By Navindra Persaud, MD; Michael Bedard, MD; Andrew S. Boozary, MD; et al
JAMA Internal Medicine, October 7, 2019
Importance: Nonadherence to treatment with medicines is common globally, even for life-saving treatments. Cost is one important barrier to access, and only some jurisdictions provide medicines at no charge to patients.
Objective: To determine whether providing essential medicines at no charge to outpatients who reported not being able to afford medicines improves adherence.
Design, Setting, and Participants: A multicenter, unblinded, parallel, 2-group, superiority, outcomes assessor–blinded, individually randomized clinical trial conducted at 9 primary care sites in Ontario, Canada, enrolled 786 patients between June 1, 2016, and April 28, 2017, who reported cost-related nonadherence. Follow-up occurred at 12 months. The primary analysis was performed using an intention-to-treat principle.
Interventions: Patients were randomly allocated to receive free medicines on a list of essential medicines in addition to otherwise usual care (n = 395) or usual medicine access and usual care (n = 391).
Main Outcomes and Measures: The primary outcome was adherence to treatment with all medicines that were appropriately prescribed for 1 year. Secondary outcomes were hemoglobin A1c level, blood pressure, and low-density lipoprotein cholesterol levels 1 year after randomization in participants taking corresponding medicines.
Results: Among the 786 participants analyzed (439 women and 347 men; mean [SD] age, 51.7 [14.3] years), 764 completed the trial. Adherence to treatment with all medicines was higher in those randomized to receive free distribution (151 of 395 [38.2%]) compared with usual access (104 of 391 [26.6%]; difference, 11.6%; 95% CI, 4.9%-18.4%). Control of type 1 and 2 diabetes was not significantly improved by free distribution (hemoglobin A1c, −0.38%; 95% CI, −0.76% to 0.00%), systolic blood pressure was reduced (−7.2 mm Hg; 95% CI, −11.7 to −2.8 mm Hg), and low-density lipoprotein cholesterol levels were not affected (−2.3 mg/dL; 95% CI, −14.7 to 10.0 mg/dL).
Conclusions and Relevance: The distribution of essential medicines at no charge for 1 year increased adherence to treatment with medicines and improved some, but not other, disease-specific surrogate health outcomes. These findings could help inform changes to medicine access policies such as publicly funding essential medicines.
Trial Registration: ClinicalTrials.gov identifier: NCT02744963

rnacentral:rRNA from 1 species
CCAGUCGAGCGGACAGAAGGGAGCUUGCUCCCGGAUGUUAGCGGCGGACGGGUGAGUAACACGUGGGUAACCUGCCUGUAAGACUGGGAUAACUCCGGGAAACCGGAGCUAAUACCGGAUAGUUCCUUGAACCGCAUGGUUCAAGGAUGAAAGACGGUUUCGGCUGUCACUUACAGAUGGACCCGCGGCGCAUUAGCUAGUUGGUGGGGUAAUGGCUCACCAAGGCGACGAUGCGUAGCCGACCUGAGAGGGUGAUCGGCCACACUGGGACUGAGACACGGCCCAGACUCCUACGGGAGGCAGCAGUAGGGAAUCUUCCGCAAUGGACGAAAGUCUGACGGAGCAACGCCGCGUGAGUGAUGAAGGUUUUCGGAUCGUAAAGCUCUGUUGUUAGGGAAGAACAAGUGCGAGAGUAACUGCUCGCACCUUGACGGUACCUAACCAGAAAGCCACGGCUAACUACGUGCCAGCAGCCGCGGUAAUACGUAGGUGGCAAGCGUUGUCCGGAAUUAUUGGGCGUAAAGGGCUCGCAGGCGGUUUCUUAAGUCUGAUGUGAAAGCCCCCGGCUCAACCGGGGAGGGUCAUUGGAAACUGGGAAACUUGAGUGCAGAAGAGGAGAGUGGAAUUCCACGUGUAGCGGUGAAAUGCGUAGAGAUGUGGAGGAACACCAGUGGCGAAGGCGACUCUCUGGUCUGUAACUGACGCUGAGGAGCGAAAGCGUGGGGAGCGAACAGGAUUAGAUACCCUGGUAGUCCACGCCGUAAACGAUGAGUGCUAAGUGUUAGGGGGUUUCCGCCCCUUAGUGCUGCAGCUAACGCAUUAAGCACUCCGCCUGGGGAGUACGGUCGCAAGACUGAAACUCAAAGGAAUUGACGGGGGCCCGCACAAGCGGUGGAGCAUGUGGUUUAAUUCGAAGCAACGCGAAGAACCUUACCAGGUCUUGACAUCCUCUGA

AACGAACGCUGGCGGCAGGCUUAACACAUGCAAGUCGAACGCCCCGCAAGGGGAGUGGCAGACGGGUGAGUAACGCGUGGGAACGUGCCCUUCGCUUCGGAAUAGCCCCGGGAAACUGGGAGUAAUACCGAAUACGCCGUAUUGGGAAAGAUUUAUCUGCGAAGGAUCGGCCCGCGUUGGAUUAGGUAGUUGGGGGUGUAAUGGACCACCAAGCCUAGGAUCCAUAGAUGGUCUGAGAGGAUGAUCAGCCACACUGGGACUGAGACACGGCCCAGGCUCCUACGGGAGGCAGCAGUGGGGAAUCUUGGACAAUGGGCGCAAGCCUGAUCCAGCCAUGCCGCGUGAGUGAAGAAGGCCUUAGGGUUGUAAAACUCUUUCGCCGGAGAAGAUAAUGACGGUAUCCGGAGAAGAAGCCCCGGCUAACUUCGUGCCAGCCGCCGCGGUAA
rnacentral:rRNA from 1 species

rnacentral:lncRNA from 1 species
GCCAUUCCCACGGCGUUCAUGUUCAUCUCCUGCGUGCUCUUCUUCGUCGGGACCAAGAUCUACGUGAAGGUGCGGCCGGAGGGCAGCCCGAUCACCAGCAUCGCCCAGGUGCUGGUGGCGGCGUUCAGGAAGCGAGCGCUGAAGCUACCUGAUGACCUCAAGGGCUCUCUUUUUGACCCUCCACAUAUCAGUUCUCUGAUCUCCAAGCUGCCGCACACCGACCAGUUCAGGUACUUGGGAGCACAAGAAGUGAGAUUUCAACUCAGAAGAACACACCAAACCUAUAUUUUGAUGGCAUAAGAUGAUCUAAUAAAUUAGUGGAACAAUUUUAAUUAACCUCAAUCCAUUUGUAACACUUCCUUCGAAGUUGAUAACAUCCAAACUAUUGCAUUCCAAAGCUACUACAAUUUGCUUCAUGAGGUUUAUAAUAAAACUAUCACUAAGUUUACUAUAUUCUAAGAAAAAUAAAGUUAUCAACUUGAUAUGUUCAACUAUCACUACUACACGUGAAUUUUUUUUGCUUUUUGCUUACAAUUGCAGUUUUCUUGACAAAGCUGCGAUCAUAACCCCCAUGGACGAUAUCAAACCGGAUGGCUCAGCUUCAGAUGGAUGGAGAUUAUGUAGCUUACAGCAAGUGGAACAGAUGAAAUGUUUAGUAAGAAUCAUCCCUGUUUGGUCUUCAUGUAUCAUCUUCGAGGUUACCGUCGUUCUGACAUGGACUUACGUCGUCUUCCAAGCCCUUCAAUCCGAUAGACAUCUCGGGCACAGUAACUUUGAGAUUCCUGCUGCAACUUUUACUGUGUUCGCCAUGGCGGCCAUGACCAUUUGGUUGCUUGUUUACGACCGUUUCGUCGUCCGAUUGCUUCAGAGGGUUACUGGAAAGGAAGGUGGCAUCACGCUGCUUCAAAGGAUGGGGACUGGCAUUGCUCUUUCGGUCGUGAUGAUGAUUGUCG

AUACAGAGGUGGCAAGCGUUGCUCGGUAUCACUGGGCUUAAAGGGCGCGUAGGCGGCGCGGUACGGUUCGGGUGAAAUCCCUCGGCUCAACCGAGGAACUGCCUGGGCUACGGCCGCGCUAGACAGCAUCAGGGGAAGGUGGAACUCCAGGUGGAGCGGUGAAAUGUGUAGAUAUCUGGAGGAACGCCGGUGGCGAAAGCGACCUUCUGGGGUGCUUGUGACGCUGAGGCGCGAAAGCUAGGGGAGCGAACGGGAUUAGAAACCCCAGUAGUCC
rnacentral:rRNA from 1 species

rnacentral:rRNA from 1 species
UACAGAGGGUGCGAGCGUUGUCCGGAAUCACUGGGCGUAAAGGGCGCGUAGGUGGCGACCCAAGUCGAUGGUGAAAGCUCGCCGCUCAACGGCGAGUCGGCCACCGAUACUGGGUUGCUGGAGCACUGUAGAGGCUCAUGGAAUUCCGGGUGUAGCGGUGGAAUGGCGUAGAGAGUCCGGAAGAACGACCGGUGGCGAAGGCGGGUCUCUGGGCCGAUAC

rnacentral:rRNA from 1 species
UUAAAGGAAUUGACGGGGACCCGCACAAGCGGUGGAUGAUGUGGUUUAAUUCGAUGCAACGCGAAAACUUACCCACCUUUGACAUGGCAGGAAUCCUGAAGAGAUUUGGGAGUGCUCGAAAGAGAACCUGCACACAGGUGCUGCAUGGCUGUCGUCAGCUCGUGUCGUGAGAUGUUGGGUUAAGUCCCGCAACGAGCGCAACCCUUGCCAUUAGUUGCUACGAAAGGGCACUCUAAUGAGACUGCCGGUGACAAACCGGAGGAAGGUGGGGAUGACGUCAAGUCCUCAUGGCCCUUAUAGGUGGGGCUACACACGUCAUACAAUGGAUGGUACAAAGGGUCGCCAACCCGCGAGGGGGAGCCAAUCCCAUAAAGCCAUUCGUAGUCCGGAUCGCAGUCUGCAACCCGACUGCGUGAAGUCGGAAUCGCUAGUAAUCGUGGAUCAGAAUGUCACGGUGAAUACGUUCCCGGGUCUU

From the Discussion
In our multicenter randomized trial, distributing a comprehensive set of essential medicines at no charge improved adherence. Free distribution also lowered systolic blood pressure and there was a suggestion of better diabetes control, although results did not reach statistical significance. There was no effect on low-density lipoprotein cholesterol levels. There was no increase in potentially inappropriate prescribing and there was no substantial difference in serious adverse events. Participants receiving free medicine distribution were more likely to report being able to make ends meet; the hypothesis that medicine access allows people to afford other necessities can be tested in future studies.
Many patients did not see improvements in surrogate outcomes despite free distribution of medicines, emphasizing that cost is only one of several contributors to nonadherence and that medicines are just one part of care.
The setting and design of the trial allows inferences about the causal effects of essential medicine access to be drawn because all participants had access to publicly funded health care services. The study population included people with a range of income levels and sources and different ethnicities who lived in urban and rural settings.
Even a Modest Co-Payment Can Cause People to Skip Drug Doses
By Aaron E. Carroll
The New York Times, November 11, 2019
There’s a logic to out-of-pocket medical payments. They’re supposed to make patients think twice before spending money on unnecessary health care.
When it comes to drugs, however, they’re often preventing people from getting necessary care.
(Cites extensive studies confirming reduced compliance with patient cost sharing.)
Canada’s single-payer system is sometimes held up as the preferred “other” model to the American status quo. But its drug coverage isn’t so good compared with the rest of the world. Pharmaceutical coverage is not part of Canada’s Medicare system, and differs from province to province. Still, Canadians do better than Americans.
Insurance isn’t enough, it seems clear. In 2015, researchers published a study in the Journal of General Internal Medicine that looked at medication adherence and cost-saving strategies of those who have Medicare. About 40 percent of this population took actions to try to cut their costs.
Cost sharing is supposed to lower spending without sacrificing quality. It was not meant to prevent patients who need drugs from receiving them.
NYT Reader Comment:
By Don McCanne, M.D.
Another recent study in Canada showed that patients receiving medications at no charge had significantly higher adherence to treatment (JAMA Internal Medicine, October 7, 2019).
A health care financing system should make it easier for patients to receive essential care they should have. Cost sharing is a barrier to care and should be eliminated. A well designed single payer model of Medicare for All would do just that.
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